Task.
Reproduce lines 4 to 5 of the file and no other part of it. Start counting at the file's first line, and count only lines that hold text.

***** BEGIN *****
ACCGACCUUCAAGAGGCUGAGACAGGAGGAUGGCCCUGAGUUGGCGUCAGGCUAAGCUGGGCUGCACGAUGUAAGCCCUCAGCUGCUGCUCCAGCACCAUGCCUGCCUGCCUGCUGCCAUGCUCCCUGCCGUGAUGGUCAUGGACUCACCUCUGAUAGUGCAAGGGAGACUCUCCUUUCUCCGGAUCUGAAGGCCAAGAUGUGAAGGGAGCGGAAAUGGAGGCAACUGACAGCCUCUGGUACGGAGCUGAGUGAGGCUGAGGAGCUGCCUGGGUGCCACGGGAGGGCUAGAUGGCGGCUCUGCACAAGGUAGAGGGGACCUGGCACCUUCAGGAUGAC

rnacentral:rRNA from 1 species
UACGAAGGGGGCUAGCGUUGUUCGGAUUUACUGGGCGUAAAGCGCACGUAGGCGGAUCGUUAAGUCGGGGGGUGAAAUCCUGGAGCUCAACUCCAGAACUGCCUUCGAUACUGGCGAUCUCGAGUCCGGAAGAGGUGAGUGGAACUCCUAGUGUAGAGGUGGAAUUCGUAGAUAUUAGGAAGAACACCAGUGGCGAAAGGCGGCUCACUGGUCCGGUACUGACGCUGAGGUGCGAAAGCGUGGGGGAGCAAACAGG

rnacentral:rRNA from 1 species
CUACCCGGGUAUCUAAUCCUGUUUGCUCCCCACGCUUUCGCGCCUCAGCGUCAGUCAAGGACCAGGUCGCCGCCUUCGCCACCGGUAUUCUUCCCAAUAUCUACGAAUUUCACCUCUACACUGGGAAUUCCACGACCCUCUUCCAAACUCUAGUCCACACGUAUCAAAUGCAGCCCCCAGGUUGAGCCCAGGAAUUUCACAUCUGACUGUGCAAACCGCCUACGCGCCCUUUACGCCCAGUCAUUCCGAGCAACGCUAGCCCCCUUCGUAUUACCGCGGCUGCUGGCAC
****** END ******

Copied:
rnacentral:rRNA from 1 species
CUACCCGGGUAUCUAAUCCUGUUUGCUCCCCACGCUUUCGCGCCUCAGCGUCAGUCAAGGACCAGGUCGCCGCCUUCGCCACCGGUAUUCUUCCCAAUAUCUACGAAUUUCACCUCUACACUGGGAAUUCCACGACCCUCUUCCAAACUCUAGUCCACACGUAUCAAAUGCAGCCCCCAGGUUGAGCCCAGGAAUUUCACAUCUGACUGUGCAAACCGCCUACGCGCCCUUUACGCCCAGUCAUUCCGAGCAACGCUAGCCCCCUUCGUAUUACCGCGGCUGCUGGCAC